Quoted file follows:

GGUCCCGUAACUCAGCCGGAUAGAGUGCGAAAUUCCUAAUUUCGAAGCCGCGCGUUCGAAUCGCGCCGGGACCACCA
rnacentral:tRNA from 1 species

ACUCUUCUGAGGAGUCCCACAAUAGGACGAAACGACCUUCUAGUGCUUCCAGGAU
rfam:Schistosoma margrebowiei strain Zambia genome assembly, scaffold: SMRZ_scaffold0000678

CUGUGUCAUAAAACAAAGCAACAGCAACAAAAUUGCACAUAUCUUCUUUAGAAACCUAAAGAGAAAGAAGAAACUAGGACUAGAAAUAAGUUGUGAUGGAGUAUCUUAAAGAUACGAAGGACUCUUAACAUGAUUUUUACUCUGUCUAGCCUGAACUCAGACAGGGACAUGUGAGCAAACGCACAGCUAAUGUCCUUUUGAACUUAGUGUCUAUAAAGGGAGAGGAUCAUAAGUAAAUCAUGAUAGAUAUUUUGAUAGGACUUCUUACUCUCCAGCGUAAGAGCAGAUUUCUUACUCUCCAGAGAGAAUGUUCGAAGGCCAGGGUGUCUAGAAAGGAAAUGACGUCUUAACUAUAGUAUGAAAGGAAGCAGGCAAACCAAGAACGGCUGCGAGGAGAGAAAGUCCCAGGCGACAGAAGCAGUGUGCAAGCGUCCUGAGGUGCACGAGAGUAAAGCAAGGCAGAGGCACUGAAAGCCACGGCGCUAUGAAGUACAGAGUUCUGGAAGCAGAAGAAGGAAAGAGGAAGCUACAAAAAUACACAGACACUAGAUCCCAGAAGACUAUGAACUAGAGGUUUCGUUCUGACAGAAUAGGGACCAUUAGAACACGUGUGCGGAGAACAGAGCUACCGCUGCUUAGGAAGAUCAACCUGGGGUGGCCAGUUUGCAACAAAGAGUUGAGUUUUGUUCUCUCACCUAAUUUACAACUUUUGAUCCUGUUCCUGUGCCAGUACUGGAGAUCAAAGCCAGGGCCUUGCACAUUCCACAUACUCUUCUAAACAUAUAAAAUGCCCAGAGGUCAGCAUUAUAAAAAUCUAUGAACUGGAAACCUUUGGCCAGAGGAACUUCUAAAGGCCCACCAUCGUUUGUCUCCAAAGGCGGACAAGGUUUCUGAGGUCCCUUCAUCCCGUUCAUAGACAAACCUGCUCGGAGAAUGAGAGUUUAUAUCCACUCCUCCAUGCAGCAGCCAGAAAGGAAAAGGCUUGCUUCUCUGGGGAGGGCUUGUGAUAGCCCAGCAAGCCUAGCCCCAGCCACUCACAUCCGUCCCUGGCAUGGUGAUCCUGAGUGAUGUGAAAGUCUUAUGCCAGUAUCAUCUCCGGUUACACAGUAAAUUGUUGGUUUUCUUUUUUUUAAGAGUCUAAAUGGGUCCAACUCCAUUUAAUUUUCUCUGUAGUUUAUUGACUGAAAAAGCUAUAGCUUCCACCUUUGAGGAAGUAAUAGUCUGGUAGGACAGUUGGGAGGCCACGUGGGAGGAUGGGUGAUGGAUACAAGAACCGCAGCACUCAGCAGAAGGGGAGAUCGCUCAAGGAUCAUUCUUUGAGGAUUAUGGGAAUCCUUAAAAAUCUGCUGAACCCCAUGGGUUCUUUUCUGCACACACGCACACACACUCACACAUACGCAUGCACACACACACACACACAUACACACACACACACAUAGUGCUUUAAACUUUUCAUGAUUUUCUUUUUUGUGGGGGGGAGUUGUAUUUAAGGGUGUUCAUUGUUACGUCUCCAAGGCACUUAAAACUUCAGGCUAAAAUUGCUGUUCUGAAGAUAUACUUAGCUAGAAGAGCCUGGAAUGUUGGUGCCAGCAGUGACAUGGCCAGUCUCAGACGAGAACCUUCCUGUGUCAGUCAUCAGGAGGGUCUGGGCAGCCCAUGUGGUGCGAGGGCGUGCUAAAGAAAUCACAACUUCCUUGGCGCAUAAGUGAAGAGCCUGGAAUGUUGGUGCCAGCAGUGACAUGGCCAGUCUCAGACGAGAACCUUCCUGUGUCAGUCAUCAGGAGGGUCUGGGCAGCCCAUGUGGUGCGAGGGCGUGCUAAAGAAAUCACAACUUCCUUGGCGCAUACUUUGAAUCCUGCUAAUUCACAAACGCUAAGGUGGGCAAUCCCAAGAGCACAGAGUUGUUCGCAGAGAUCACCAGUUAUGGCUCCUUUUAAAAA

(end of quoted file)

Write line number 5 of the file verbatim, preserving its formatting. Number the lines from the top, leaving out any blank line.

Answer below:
CUGUGUCAUAAAACAAAGCAACAGCAACAAAAUUGCACAUAUCUUCUUUAGAAACCUAAAGAGAAAGAAGAAACUAGGACUAGAAAUAAGUUGUGAUGGAGUAUCUUAAAGAUACGAAGGACUCUUAACAUGAUUUUUACUCUGUCUAGCCUGAACUCAGACAGGGACAUGUGAGCAAACGCACAGCUAAUGUCCUUUUGAACUUAGUGUCUAUAAAGGGAGAGGAUCAUAAGUAAAUCAUGAUAGAUAUUUUGAUAGGACUUCUUACUCUCCAGCGUAAGAGCAGAUUUCUUACUCUCCAGAGAGAAUGUUCGAAGGCCAGGGUGUCUAGAAAGGAAAUGACGUCUUAACUAUAGUAUGAAAGGAAGCAGGCAAACCAAGAACGGCUGCGAGGAGAGAAAGUCCCAGGCGACAGAAGCAGUGUGCAAGCGUCCUGAGGUGCACGAGAGUAAAGCAAGGCAGAGGCACUGAAAGCCACGGCGCUAUGAAGUACAGAGUUCUGGAAGCAGAAGAAGGAAAGAGGAAGCUACAAAAAUACACAGACACUAGAUCCCAGAAGACUAUGAACUAGAGGUUUCGUUCUGACAGAAUAGGGACCAUUAGAACACGUGUGCGGAGAACAGAGCUACCGCUGCUUAGGAAGAUCAACCUGGGGUGGCCAGUUUGCAACAAAGAGUUGAGUUUUGUUCUCUCACCUAAUUUACAACUUUUGAUCCUGUUCCUGUGCCAGUACUGGAGAUCAAAGCCAGGGCCUUGCACAUUCCACAUACUCUUCUAAACAUAUAAAAUGCCCAGAGGUCAGCAUUAUAAAAAUCUAUGAACUGGAAACCUUUGGCCAGAGGAACUUCUAAAGGCCCACCAUCGUUUGUCUCCAAAGGCGGACAAGGUUUCUGAGGUCCCUUCAUCCCGUUCAUAGACAAACCUGCUCGGAGAAUGAGAGUUUAUAUCCACUCCUCCAUGCAGCAGCCAGAAAGGAAAAGGCUUGCUUCUCUGGGGAGGGCUUGUGAUAGCCCAGCAAGCCUAGCCCCAGCCACUCACAUCCGUCCCUGGCAUGGUGAUCCUGAGUGAUGUGAAAGUCUUAUGCCAGUAUCAUCUCCGGUUACACAGUAAAUUGUUGGUUUUCUUUUUUUUAAGAGUCUAAAUGGGUCCAACUCCAUUUAAUUUUCUCUGUAGUUUAUUGACUGAAAAAGCUAUAGCUUCCACCUUUGAGGAAGUAAUAGUCUGGUAGGACAGUUGGGAGGCCACGUGGGAGGAUGGGUGAUGGAUACAAGAACCGCAGCACUCAGCAGAAGGGGAGAUCGCUCAAGGAUCAUUCUUUGAGGAUUAUGGGAAUCCUUAAAAAUCUGCUGAACCCCAUGGGUUCUUUUCUGCACACACGCACACACACUCACACAUACGCAUGCACACACACACACACACAUACACACACACACACAUAGUGCUUUAAACUUUUCAUGAUUUUCUUUUUUGUGGGGGGGAGUUGUAUUUAAGGGUGUUCAUUGUUACGUCUCCAAGGCACUUAAAACUUCAGGCUAAAAUUGCUGUUCUGAAGAUAUACUUAGCUAGAAGAGCCUGGAAUGUUGGUGCCAGCAGUGACAUGGCCAGUCUCAGACGAGAACCUUCCUGUGUCAGUCAUCAGGAGGGUCUGGGCAGCCCAUGUGGUGCGAGGGCGUGCUAAAGAAAUCACAACUUCCUUGGCGCAUAAGUGAAGAGCCUGGAAUGUUGGUGCCAGCAGUGACAUGGCCAGUCUCAGACGAGAACCUUCCUGUGUCAGUCAUCAGGAGGGUCUGGGCAGCCCAUGUGGUGCGAGGGCGUGCUAAAGAAAUCACAACUUCCUUGGCGCAUACUUUGAAUCCUGCUAAUUCACAAACGCUAAGGUGGGCAAUCCCAAGAGCACAGAGUUGUUCGCAGAGAUCACCAGUUAUGGCUCCUUUUAAAAA